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How do I Choose which Deck to Use?

One of the most frequent questions I get, whether I'm doing online or offline readings, is about deck choice. Clients, especially those outside the tarot community who don't know about the plethora of artwork and independently produced decks, typically go to a tarot reading expecting a classic like the Rider Waite-Smith. So when they're presented with cards that don't have a "scary Devil" or esoteric symbolism that may appear sinister or super mysterious, they're instantly intrigued.

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Better Together: Into the Woods + Lumina Tarot + Connected & Free Alchemist's Oracle

You know you've been hit STRONG by the collector's bug when a deck you already have a copy off suddenly comes in a new edition and you are compelled to purchase it. Even if it's kind of, sort of the same thing, even if only a few cards are a little different, even when shipping from Australia (argh) costs arm and a leg.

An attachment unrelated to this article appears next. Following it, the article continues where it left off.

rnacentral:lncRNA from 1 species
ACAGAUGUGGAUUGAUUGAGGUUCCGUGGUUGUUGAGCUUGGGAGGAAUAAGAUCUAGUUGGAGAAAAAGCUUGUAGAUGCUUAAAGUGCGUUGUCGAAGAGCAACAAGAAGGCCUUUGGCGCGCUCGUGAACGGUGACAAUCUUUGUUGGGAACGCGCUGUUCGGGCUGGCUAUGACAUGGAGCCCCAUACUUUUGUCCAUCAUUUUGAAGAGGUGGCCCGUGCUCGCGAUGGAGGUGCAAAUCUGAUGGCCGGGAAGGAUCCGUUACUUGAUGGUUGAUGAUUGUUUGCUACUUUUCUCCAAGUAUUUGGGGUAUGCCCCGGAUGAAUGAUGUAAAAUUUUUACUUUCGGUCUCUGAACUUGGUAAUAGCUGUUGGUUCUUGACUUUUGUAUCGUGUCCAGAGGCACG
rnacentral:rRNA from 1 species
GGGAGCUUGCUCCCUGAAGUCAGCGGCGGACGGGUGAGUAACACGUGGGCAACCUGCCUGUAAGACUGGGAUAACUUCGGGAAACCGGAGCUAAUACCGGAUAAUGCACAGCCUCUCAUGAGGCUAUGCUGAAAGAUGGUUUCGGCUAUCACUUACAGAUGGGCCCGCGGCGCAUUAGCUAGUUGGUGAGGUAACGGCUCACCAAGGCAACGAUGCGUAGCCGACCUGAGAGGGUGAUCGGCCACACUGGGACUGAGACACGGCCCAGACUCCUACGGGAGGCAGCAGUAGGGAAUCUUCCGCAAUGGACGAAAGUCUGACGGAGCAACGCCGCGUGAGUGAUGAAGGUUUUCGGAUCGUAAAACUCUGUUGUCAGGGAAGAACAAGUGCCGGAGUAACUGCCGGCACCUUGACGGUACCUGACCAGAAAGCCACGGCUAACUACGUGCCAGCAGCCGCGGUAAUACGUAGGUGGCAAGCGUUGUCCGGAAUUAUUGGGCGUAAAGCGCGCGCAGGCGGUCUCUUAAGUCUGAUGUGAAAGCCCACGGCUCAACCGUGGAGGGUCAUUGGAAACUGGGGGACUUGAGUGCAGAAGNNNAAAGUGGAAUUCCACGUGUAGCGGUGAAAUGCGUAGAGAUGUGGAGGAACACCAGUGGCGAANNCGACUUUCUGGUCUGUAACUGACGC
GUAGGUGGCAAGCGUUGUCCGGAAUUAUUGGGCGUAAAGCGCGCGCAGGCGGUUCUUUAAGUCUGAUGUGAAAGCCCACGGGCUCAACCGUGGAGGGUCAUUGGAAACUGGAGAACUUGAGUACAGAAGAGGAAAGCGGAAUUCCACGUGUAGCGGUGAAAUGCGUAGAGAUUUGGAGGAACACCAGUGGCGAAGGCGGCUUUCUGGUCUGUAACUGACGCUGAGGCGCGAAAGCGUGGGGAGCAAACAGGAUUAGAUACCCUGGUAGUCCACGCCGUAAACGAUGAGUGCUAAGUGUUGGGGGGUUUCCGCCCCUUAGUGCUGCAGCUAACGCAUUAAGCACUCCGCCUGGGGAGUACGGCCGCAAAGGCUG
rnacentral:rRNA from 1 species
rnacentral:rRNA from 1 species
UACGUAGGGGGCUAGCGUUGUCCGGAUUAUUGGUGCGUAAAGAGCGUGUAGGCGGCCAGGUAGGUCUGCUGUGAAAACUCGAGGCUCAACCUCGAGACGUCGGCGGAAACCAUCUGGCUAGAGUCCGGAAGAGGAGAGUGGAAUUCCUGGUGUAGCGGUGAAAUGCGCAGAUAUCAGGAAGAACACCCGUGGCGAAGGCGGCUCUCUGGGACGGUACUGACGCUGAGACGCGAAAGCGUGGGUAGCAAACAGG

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My Go-To Spread (II): Do / Stop / Continue

I've written before about how I'm not really a "spreads" kind of tarot reader. I stick to the basics pretty much—the Celtic Cross, which isn't the most popular spread among modern readers; the spreads within my Wild Unknown Spirit Cloth (mostly because it helps to have a visual to help me recall positions and meanings); and your garden variety three-card spreads.

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Deck Review: The Mesquite Tarot

Because I live all the way in Manila, I always thought that Kickstarter would not be a good deck-shopping option for me. Kickstarter decks take a lot of time to actually reach the production stage—waiting that long can be tough on your regular eager beaver (🙋)… having to wait another couple of months for shipping to actually get the deck to me is even more difficult.